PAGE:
Dale Earnhardt Jr. is
NASCAR's . . . Rising Star / Expectations, pressure high for racing progeny
Tuesday, May 11, 1999 - BY NATE RYAN, Times-Dispatch
He's been proclaimed as the savior of one series and the second coming of a stock-car
superstar in another. Dale Earnhardt Jr. is carrying so much weight on his shoulders, he
might as well be strapping his Chevrolet Monte Carlo onto his back rather than be
strapping in behind the wheel before a race.
Pressure is nothing new for the 24-year-old. By virtue of his surname, Earnhardt has been
under the microscope since the first time he slid behind the wheel of a stock car.
But at the end of the month, Earnhardt will attempt to qualify for his first Winston Cup
race -- the Coca-Cola 600 at Lowe's Motor Speedway. It's the first of five Winston Cup
races that Earnhardt plans to run this year before moving up to NASCAR's premier circuit
Making the leap has increased the scrutiny to a level that has caused even the normally
laid-back Earnhardt to feel uncomfortable.
With his Winston Cup debut heavily promoted by his publicity team as the "Countdown
to E-Day," Earnhardt was being pulled in all directions to meet sponsor and media
requests. He finally pulled back on the reins last month.
"There was a lot of things being scheduled, and I wasn't finding about them till the
day before," he said. "When we first announced the deal, it got kind of crazy. I
don't think we were prepared for it. I didn't feel I had control."
The solution was to provide Earnhardt with at least three hassle-free days per month.
"That's worked out," he said. "Because now I'll do any damn thing they want
me to do, because I know I've got three days where I can chill, hang out, get my thoughts
together and catch up on paying bills for the house.
"It's taken a lot of the pressure off of me."
Since he won seven races and the Busch Series championship last season, Earnhardt has
dealt with immense expectations. Many have anointed him as the Imitator of the
Intimidator, the moniker bestowed on his father, the seven-time Winston Cup champion.
But it's a simplistic comparison. On the track, father and son employ the same
hard-charging style. But when he slips out of his driver's suit, Earnhardt's easygoing
nature is a stark contrast to his father's gruff persona.
"There's a lot of things I try to take from my dad," he said. "I like his
sternness and his take-care-of-business attitude. I try to be as businesslike and
hard-nosed as I can, and that's hard for me to do because I don't look like him. I'm small
in stature and pretty much talk to anybody."
His friendly demeanor has made him very popular with his peers in the Busch Series, where
he's already respected for his driving talent
"He's carried our series to a different level," said Elton Sawyer, a 16-year
veteran of the Busch Series. "Up until him, I don't know of anyone who has had that
impact in the Busch Series during the last five or 10 years. I want to ride along with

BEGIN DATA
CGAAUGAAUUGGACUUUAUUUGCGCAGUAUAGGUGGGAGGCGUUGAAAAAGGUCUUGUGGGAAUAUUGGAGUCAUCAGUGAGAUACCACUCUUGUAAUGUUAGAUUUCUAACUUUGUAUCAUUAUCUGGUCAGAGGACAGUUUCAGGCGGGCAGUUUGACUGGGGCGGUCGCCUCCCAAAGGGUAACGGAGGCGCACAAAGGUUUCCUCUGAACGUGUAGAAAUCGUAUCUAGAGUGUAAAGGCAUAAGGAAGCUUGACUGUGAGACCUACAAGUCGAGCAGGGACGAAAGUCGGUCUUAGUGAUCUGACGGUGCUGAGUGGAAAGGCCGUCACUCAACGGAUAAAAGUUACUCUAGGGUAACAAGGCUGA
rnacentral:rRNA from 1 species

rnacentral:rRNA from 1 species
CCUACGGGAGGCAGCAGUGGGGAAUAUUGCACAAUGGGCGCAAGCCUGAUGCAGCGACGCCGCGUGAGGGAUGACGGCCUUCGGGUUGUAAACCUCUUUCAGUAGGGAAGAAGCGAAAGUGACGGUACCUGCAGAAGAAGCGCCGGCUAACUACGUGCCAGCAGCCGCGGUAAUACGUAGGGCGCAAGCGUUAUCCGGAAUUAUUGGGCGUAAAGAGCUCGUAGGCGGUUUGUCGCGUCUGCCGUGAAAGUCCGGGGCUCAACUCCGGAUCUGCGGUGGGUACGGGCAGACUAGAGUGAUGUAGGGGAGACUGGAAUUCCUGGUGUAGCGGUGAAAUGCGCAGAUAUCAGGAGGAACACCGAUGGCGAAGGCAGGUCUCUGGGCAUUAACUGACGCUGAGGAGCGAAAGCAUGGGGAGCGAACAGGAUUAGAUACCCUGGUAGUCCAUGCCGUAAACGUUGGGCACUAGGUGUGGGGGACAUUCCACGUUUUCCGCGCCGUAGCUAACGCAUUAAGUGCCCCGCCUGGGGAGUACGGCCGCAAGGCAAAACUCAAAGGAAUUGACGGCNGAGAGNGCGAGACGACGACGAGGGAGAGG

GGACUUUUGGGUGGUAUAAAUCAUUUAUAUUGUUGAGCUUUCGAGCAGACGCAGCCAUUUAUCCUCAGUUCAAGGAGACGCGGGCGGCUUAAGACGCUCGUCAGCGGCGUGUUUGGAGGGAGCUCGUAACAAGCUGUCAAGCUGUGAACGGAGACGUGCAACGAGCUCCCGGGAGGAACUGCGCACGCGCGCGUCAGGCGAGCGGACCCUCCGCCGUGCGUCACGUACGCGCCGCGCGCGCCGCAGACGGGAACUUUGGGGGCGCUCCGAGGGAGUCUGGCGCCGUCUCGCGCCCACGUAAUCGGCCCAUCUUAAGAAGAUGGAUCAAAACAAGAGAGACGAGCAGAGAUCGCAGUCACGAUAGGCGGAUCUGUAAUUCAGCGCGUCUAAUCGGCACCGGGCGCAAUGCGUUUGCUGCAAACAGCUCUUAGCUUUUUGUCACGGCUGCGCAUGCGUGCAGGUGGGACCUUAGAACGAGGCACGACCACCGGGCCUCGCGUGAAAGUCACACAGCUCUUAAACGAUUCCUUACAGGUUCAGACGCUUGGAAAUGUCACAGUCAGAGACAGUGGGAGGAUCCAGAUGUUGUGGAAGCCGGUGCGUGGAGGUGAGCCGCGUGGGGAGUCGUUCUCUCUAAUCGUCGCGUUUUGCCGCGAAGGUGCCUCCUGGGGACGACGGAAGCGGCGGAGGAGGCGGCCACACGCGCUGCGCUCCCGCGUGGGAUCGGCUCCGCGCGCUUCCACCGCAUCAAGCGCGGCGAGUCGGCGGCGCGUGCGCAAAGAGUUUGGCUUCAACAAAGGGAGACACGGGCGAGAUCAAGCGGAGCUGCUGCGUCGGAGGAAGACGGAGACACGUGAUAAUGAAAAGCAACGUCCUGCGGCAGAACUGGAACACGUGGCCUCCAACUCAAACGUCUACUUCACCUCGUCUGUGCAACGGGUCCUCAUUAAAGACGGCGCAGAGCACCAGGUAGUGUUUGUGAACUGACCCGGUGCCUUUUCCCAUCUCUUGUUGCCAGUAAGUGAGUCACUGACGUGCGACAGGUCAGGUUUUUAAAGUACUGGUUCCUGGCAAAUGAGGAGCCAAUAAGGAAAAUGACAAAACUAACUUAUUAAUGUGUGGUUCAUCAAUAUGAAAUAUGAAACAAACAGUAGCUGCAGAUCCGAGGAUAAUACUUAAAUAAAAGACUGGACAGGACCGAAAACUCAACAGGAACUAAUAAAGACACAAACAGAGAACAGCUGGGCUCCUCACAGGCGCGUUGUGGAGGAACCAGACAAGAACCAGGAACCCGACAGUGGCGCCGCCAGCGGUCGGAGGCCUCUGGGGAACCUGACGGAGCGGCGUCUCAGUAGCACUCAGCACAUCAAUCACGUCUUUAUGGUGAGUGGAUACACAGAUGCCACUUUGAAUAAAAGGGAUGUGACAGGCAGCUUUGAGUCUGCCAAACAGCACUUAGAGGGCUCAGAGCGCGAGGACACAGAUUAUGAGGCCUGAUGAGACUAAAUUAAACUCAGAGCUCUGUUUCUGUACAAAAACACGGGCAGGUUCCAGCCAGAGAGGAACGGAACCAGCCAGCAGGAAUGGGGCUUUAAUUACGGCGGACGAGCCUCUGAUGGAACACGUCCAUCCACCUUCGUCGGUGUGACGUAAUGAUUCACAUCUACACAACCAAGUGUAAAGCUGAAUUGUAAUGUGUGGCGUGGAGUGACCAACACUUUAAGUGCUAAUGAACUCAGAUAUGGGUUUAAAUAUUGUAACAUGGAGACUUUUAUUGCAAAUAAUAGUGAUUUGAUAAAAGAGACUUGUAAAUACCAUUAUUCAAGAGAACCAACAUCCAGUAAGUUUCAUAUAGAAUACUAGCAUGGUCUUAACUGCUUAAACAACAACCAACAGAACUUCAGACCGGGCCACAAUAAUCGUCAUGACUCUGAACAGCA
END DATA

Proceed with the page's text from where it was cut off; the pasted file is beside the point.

him. I don't want him to leave."
Neither do the promoters of Busch races around the country. This season, Earnhardt has
remained the star attraction who draws the biggest cheers during drivers' introductions.
"It's nice to know I've earned it and didn't have that handed to me," he said of
Earnhardt won't be getting much help as he prepares for his Winston Cup debut. He's
running in the Busch race on the day before the 600-mile event, and he'll be swamped with
personal appearances and sponsorship commitments.
Earnhardt admits he won't have as much time as he needs to focus, but he's hoping to turn
that into a positive. "It's maybe a good thing because if I sat around and thought
about it, I'd get worried and uptight and maybe choke during qualifying," he said.
"They're going to have me pretty busy. It won't be a normal race because there's a
lot of people making big promotions about it. It'll be a strenuous time to get
After turning the fastest lap during a Winston Cup test session at Lowe's last week,
Earnhardt's chances of making the field seem solid. But his sponsorship deal with
Budweiser has been hailed as one of the largest in Winston Cup history -- a package worth
an estimated $50 million over five years. The price of failure seems very high.
There are no provisionals to fall back on if Earnhardt can't make one of the 36-fastest
laps in qualifying on the 1.5-mile oval. He desperately wants to deliver on the promise
he's shown in the Busch Series.
But he's still worried about what will happen if he can't.
"I'm under pressure where I have to make the race and hopefully run good,"
Earnhardt said. "But what if we run poorly and get blown out of the water with this
whole big promotion? I'm worried about that. Everyone else won't admit it, but I am. You
think about that trying to get to sleep at night."
1999 statistics: Stands in first place in the points but still is seeking first victory of
year . . . Has recorded three top-five and seven top-10 finishes in first 11 races . . .
Has earned $306,105.
Career highlights: Won seven races last season on his way to Busch Series chamiponship . .
. Set mark for single-season earnings by winning more than $1.3 million . . . First
victory came at Texas Motor Speedway in his 16th career start . . . Raced Late Models in
Winston Racing Series for three seasons before joining Busch Series.
Quotable: On how his life has changed in the last two years: "I can go shopping now
and not have to worry about having a $200 minimum in my bank account.